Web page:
The Long Road to Putting a Woman in the White House | HistoryNet

The Long Road to Putting a Woman in the White House

By Jill Norgren
4/1/2016 • American History Magazine

It would take 44 years after American women won the vote in 1920 for a major party to seriously consider nominating a woman presidential candidate. And it would be another 44 before a woman could be called a legitimate contender for the highest office in the land.

Republicans made history in 1964 when Margaret Chase Smith was among the party’s potential nominees. Elected to the House of Representatives in 1940 to fill the unexpired term of her late husband, Smith went on to serve four more terms in the House and four in the Senate. She came to national prominence in 1950 when, in a speech on the Senate floor, she denounced the “fear, ignorance, bigotry, and smear” campaigns being waged by Sen. Joseph McCarthy. The party’s eventual 1964 nominee, “Mr. Conservative” Barry Goldwater, was trounced by Lyndon Johnson in the general election.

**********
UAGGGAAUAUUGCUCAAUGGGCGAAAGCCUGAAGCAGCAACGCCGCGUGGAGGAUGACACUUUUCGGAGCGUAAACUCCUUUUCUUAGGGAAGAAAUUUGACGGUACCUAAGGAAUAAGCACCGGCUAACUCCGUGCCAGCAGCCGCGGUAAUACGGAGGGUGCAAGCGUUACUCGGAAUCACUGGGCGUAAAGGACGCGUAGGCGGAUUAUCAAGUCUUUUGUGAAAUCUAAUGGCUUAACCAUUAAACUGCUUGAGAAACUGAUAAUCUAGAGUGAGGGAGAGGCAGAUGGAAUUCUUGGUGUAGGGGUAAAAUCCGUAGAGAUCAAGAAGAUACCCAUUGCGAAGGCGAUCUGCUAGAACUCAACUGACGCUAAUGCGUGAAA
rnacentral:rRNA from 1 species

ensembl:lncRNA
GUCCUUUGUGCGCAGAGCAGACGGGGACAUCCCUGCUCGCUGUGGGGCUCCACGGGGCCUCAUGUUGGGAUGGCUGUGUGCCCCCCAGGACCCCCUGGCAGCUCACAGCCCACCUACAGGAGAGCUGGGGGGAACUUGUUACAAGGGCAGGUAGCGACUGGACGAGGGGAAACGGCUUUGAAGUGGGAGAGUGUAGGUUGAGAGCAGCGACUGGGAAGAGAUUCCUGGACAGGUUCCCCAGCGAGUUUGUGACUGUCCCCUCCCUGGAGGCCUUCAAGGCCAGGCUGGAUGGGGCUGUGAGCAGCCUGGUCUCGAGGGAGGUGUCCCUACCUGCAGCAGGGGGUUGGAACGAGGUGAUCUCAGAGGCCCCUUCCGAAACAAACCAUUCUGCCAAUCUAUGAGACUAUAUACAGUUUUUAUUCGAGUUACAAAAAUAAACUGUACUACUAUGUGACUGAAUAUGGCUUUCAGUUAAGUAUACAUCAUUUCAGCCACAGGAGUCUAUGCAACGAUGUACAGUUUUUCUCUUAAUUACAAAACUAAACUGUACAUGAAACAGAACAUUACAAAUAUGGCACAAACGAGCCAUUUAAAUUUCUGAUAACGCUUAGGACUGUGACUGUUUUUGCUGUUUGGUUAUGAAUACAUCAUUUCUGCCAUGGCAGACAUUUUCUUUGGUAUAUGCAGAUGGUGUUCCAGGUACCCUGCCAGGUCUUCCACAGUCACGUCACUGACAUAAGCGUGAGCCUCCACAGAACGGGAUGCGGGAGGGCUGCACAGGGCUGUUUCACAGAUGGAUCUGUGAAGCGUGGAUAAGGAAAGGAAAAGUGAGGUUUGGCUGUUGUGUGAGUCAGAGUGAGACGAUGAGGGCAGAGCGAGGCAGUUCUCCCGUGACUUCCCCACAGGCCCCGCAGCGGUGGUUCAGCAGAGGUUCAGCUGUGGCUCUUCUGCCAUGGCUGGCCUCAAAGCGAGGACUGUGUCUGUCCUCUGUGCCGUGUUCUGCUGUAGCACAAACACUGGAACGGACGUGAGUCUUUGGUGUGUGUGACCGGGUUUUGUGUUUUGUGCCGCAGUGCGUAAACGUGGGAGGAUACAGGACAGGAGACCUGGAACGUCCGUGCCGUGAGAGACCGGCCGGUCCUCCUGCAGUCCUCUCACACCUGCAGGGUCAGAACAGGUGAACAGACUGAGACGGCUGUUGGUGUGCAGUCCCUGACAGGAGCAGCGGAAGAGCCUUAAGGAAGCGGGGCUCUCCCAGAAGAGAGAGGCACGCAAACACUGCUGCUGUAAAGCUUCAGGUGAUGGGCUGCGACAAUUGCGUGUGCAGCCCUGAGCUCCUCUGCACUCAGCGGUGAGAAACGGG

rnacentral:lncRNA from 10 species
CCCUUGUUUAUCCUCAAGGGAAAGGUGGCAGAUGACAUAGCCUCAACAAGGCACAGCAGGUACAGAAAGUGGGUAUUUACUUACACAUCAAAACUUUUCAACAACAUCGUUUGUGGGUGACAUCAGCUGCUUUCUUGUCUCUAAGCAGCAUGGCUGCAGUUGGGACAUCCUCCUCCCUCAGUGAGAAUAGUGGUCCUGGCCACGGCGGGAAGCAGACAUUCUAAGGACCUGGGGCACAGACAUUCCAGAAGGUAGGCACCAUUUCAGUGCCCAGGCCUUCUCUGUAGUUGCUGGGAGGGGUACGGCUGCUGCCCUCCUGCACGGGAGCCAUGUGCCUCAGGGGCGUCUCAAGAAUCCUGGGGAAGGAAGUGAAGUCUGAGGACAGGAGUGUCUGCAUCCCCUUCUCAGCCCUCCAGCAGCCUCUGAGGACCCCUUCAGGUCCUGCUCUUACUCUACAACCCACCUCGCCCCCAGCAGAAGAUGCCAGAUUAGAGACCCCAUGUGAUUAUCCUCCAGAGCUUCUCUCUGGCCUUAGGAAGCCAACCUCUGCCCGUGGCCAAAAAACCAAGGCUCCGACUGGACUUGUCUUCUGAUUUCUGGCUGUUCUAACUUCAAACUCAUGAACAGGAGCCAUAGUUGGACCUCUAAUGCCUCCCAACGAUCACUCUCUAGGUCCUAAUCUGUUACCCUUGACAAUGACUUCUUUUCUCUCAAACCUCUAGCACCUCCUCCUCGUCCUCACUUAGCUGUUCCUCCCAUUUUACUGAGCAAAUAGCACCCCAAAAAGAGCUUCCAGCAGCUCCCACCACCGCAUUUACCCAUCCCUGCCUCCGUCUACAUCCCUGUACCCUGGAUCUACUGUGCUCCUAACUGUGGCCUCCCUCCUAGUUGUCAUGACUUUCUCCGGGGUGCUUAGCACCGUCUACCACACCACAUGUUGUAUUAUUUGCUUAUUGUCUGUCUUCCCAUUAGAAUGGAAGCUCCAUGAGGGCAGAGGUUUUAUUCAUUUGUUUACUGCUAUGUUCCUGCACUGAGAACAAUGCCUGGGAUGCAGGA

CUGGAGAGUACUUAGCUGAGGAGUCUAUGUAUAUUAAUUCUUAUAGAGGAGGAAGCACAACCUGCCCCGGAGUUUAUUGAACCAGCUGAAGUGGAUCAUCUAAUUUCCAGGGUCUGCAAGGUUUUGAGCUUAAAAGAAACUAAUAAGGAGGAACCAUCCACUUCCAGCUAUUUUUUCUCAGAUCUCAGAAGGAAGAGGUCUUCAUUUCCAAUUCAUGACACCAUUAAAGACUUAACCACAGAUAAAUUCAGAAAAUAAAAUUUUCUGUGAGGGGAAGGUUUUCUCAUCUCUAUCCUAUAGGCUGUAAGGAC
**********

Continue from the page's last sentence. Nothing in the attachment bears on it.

In 1972 Shirley Chisholm, the first black congresswoman, became the first black woman to seek the nomination of a major party. Running as a Democrat under the slogan “Unbought and Unbossed,” Chisholm finished fourth in a field of 20 candidates at the party’s convention. The nomination went to George McGovern who lost to Richard Nixon in a landslide.

The most notable presidential hopefuls since Chisholm were Democrat Pat Schroeder in 1988, Republican Elizabeth Dole in 2000 and Democrat Carol Moseley Braun in 2004. All three had long records of public service, and Dole had already held two Cabinet positions—Secretary of Transportation under Ronald Reagan and Secretary of Labor under George H.W. Bush.

Schroeder, Dole and Moseley Braun all dropped out before the primaries; in part because of the difficulty they had raising campaign funds. But their candidacies indicated that public opinion was changing. It was only a matter of time until a woman had a real chance at becoming president of the United States.

Enter Sen. Hillary Clinton in 2008. Clinton has advanced further than any other woman in a presidential contest and, with Sen. Barack Obama, was one of two history-making candidates who vied for the 2008 Democratic nomination.

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